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They say money doesn’t grow on trees but, with a national carbon price now in place, trees have the potential to generate significant sums of money just by staying upright.
In the currency of carbon credits, Tasmania’s ancient native forests are some of world’s most valuable.
The state is home to some of the oldest trees on the planet and over their lifetimes, some spanning centuries, carbon stores have amassed within their towering trunks and beneath them – the wooden debris, carbon rich soils and not least their massive root systems.
Their branches hold countless leaves that drop continually, one by one, to the ground below, adding to the forest’s thick carpet.
In the moist conditions, the leaves readily decompose and their embodied carbon soaks through to the dark, soft soils underneath for permanent storage.
Tasmania’s native forests have the potential to significantly reduce Australian carbon emissions if protected from logging and burning
With these processes in place since Gondwanic times, more than 100 million years ago, Tasmania’s native forests have built up a complexity characteristic to only the most carbon-dense of ecosystems.
“Forests with high carbon storage capacities are those in relatively cool, moist climates that have fast growth coupled with low decomposition rates, and older, complex, multi-aged and layered forests with minimal human disturbance,” according to the Climate Commission’s 2011 report The Critical Decade.
As such a rich bank of carbon, Tasmania’s native forests have the potential to significantly reduce Australian carbon emissions if protected from logging and burning.
Currently, ACF is negotiating along with other environmental groups and the forestry union, industry and timber community representatives for an agreement to reform the state’s timber industry and protect an area of Tasmania’s identified high conservation value native forests as reserves.
As part of the Tasmanian Forest Agreement process, an independent group of scientists studied the carbon storage of the proposed reserves and found that the absense of logging could save about 7 million tonnes of carbon dioxide emissions annually.
Not only do the reserves have the potential to produce millions of dollars in carbon storage, they also hold immense environmental and recreational value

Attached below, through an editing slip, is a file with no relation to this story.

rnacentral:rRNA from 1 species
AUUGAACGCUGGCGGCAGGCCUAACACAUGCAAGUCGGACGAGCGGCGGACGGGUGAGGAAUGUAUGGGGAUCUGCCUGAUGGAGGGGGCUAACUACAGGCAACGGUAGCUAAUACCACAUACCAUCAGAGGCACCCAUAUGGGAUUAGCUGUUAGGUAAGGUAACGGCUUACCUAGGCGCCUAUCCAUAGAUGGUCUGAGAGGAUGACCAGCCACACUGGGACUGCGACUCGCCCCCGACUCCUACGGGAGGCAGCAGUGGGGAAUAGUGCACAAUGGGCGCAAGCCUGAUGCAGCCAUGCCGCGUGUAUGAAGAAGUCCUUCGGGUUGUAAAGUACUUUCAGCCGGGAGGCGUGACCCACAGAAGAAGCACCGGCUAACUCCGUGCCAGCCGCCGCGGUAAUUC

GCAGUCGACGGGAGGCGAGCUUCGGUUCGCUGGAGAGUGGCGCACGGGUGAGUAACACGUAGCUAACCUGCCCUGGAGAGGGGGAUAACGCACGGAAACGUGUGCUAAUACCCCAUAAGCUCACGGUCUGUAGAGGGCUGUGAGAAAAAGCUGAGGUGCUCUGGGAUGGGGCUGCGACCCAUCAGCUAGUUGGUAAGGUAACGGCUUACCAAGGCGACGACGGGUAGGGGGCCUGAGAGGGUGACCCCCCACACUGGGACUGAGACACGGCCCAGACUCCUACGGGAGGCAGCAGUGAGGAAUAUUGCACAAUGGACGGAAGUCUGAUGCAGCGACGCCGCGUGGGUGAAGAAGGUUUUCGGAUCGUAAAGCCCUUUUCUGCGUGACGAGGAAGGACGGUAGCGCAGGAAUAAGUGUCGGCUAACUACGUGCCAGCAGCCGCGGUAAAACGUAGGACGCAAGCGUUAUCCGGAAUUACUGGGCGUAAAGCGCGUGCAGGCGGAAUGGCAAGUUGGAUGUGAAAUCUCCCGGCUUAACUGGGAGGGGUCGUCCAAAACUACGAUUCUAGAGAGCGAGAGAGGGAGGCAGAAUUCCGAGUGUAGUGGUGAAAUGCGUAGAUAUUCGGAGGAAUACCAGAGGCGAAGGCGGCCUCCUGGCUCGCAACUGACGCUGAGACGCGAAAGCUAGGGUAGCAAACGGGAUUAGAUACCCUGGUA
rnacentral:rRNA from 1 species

To put this figure in perspective, the reserves would avoid more than the total annual emissions of a large 1.5 gigawatt coal-fired power station entering the atmosphere.
As a result, the proposed reserves would make up more than 7 per cent of the nation’s total emission reductions, assuming a 5 per cent reduction is achieved by 2020.
The reductions have the potential to generate economic income through forestry management credits, if adopted by the Australian Government. Based on the current carbon price, the value would be about $973 million.
Not only do the reserves have the potential to produce millions of dollars in avoided carbon dioxide emissions, they also hold immense environmental and recreational value.
The proposed reserves contain Tasmania’s highest level of eucalypt diversity, are habitat to iconic endangered wildlife, notably the Tasmanian devil, and make up an irreplaceable asset for the state’s growing tourism industry.
As part of the Tasmanian Forest Intergovernmental Agreement, the federal and state governments have committed funding to help the forestry industry transition to a plantation timber-based future.
By focussing on plantations for wood production, the industry will be able to substantially lower its emissions.
According to The Critical Decade, “Although a fast growing, mono-culture plantation forest may have a rapid rate of carbon uptake for the years of vigorous growth, it will store less carbon in the long term than an old growth forest.”
Leaving Tasmania’s ancient and ecologically matured forests standing will ensure a process of carbon storage that has lasted more than 100 million years will be allowed to continue well into the future.